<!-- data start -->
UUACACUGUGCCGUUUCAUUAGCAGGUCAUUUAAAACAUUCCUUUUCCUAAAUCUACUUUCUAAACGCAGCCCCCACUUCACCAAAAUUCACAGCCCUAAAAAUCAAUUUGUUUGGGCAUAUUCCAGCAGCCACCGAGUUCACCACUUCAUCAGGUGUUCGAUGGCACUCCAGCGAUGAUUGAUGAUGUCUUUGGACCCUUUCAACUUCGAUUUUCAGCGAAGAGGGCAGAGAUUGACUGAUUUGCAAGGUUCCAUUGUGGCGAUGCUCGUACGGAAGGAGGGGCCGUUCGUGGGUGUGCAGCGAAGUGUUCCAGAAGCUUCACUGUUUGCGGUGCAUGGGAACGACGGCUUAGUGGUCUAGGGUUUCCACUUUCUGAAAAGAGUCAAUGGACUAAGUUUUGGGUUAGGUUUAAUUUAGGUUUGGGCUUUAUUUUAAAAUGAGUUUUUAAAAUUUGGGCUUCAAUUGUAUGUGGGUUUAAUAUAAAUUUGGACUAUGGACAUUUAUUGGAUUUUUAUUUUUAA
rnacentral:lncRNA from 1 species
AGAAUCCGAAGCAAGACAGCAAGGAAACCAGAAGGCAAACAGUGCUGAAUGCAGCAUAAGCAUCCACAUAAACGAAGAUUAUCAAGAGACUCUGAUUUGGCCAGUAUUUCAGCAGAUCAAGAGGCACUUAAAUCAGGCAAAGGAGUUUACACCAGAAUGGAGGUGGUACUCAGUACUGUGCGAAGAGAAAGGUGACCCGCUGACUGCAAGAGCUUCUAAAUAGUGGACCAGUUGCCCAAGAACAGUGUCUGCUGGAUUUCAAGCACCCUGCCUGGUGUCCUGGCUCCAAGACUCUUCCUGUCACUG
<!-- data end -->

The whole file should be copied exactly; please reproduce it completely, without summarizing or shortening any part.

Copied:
UUACACUGUGCCGUUUCAUUAGCAGGUCAUUUAAAACAUUCCUUUUCCUAAAUCUACUUUCUAAACGCAGCCCCCACUUCACCAAAAUUCACAGCCCUAAAAAUCAAUUUGUUUGGGCAUAUUCCAGCAGCCACCGAGUUCACCACUUCAUCAGGUGUUCGAUGGCACUCCAGCGAUGAUUGAUGAUGUCUUUGGACCCUUUCAACUUCGAUUUUCAGCGAAGAGGGCAGAGAUUGACUGAUUUGCAAGGUUCCAUUGUGGCGAUGCUCGUACGGAAGGAGGGGCCGUUCGUGGGUGUGCAGCGAAGUGUUCCAGAAGCUUCACUGUUUGCGGUGCAUGGGAACGACGGCUUAGUGGUCUAGGGUUUCCACUUUCUGAAAAGAGUCAAUGGACUAAGUUUUGGGUUAGGUUUAAUUUAGGUUUGGGCUUUAUUUUAAAAUGAGUUUUUAAAAUUUGGGCUUCAAUUGUAUGUGGGUUUAAUAUAAAUUUGGACUAUGGACAUUUAUUGGAUUUUUAUUUUUAA
rnacentral:lncRNA from 1 species
AGAAUCCGAAGCAAGACAGCAAGGAAACCAGAAGGCAAACAGUGCUGAAUGCAGCAUAAGCAUCCACAUAAACGAAGAUUAUCAAGAGACUCUGAUUUGGCCAGUAUUUCAGCAGAUCAAGAGGCACUUAAAUCAGGCAAAGGAGUUUACACCAGAAUGGAGGUGGUACUCAGUACUGUGCGAAGAGAAAGGUGACCCGCUGACUGCAAGAGCUUCUAAAUAGUGGACCAGUUGCCCAAGAACAGUGUCUGCUGGAUUUCAAGCACCCUGCCUGGUGUCCUGGCUCCAAGACUCUUCCUGUCACUG